Mining royalties as an asset class within pension fund portfolios

October, 2012 Print

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Anthony Yadgaroff

Chairman

Allenbridge Investment Solutions

In recent years major UK pension funds have shown a growing interest in asset classes other than marketable securities, as a means of diversifying their portfolios to reduce volatility as well as helping to match their assets to the longer-term nature of their liabilities. Property and private equity have long been important components of many large pension funds, typically accounting for around 10-15% of assets. Investment in infrastructure and commodities – often through pooled fund vehicles – has emerged over the last 10 years or so, and today typically accounts for around 3-5% of invested assets.

One sub-class of alternative investment that has not been exploited so far, and indeed not really explored, at least by UK pension funds, is mining royalties. This is a little surprising because mining royalties combine many of the characteristics that pension funds are looking for. They are long-term assets with a typical life of 5-15 years (but the life of some larger projects can range up to 25 years or more). They have good visibility of earnings. They provide exposure to commodity prices, but without the exposure to the currently escalating costs of mine development and operation associated with equity investment in mine operators.

What are mining royalties?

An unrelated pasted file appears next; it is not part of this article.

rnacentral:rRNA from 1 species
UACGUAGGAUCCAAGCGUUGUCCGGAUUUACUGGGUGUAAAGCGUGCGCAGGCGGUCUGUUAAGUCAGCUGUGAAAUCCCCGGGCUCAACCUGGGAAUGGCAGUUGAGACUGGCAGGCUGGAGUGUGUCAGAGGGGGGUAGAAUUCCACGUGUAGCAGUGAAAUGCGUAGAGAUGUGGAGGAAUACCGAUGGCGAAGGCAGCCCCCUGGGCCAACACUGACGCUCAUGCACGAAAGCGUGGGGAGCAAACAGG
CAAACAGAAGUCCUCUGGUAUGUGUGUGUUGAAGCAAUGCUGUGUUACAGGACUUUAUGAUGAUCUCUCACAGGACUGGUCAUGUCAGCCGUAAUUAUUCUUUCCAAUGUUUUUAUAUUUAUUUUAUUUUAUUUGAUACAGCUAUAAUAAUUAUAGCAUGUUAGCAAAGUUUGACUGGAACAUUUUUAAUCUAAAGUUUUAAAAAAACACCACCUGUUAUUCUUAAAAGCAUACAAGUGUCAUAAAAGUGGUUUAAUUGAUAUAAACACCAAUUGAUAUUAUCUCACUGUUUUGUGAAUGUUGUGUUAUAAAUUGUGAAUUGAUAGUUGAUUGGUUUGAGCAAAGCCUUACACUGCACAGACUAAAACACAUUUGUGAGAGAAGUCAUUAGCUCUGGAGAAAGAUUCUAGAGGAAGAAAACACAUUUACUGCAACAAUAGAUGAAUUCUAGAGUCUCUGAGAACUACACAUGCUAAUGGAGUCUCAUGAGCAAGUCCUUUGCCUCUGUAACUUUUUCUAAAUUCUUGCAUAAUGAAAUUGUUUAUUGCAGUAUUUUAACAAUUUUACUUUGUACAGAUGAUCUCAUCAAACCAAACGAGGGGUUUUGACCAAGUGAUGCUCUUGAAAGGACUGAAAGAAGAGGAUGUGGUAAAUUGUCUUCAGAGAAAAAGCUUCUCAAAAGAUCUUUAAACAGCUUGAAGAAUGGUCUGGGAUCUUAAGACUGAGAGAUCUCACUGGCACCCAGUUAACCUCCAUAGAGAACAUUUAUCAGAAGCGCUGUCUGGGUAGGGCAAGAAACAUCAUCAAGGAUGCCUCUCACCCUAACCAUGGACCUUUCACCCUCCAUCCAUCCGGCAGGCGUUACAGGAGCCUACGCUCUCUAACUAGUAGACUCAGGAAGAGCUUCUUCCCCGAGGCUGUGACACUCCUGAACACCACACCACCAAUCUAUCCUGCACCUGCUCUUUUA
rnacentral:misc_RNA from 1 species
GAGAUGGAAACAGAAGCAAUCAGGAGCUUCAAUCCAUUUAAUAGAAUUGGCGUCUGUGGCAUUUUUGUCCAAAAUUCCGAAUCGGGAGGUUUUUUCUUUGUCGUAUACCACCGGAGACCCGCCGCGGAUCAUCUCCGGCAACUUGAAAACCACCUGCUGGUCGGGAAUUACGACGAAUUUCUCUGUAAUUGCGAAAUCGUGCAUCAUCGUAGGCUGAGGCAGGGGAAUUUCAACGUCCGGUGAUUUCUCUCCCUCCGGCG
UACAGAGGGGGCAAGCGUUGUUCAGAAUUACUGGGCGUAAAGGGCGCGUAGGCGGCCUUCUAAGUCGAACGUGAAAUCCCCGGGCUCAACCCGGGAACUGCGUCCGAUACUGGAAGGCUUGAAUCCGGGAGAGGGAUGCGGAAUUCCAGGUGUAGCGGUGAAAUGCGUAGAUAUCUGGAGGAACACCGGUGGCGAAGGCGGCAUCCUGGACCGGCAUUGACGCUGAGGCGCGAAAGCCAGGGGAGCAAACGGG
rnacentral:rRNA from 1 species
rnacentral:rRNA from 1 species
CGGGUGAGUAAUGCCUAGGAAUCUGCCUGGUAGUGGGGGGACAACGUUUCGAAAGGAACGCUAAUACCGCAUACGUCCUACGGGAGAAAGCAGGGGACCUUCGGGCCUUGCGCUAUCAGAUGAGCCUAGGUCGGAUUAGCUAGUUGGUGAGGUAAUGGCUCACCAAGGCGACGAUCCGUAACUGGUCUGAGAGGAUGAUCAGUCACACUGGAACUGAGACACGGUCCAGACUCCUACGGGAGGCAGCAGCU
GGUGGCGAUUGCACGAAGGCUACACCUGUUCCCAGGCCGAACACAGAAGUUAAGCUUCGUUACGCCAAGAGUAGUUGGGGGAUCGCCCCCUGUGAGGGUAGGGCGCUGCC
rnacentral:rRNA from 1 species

A mining royalty is an entitlement to an agreed percentage of the sales revenue of a mining project, without any liability for production costs. There are various definitions of sales revenue, but perhaps the most common one is Gross Revenue (or Net Smelter Return) which is based on the gross sales price of the actual minerals mined. Most royalties endure for the life of the resource and are paid on a regular basis, typically quarterly or half-yearly.

There are two main routes for acquiring mining royalties. The first is where companies specialising in mineral royalties may provide initial finance towards the cost of progressing a mine into production in return for a subsequent royalty when the project comes on stream, perhaps three or four years later. From the mine developer’s standpoint, royalty finance is an alternative to borrowing funds or raising equity. At times when bank credit is in short supply and equity markets are depressed, royalty finance can be an attractive option, especially to smaller mining companies keen not to dilute their equity.

The second royalty acquisition route is to buy a royalty from an exploration company which has retained an interest in a mine they helped discover. Once acquired, royalty companies rarely sell their royalty entitlements. Indeed the secondary market in mining royalties is thin.

While the accounting treatment of royalties can be quite complex depending on the particular vehicle for their acquisition, their valuation is essentially based on the net present value (NPV) of the royalty cash flow indicated by the operators mine plans. The discount factor used will reflect in part the royalty company’s cost of capital, but also an assessment of the risks specific to the project.

One major risk for new mine developments is that the developer will not secure the rest of the financing required to bring the mine into production. To reduce the risk of total loss to the royalty company, royalty agreements will often provide an option for the royalty company to be given equity in the developer or an interest in alternative assets, in the event that the project does not proceed. As a project moves closer to production the NPV of the royalty benefits not only from the unwinding of the discount but also from a reduction in the discount factor as the risk of abortion diminishes.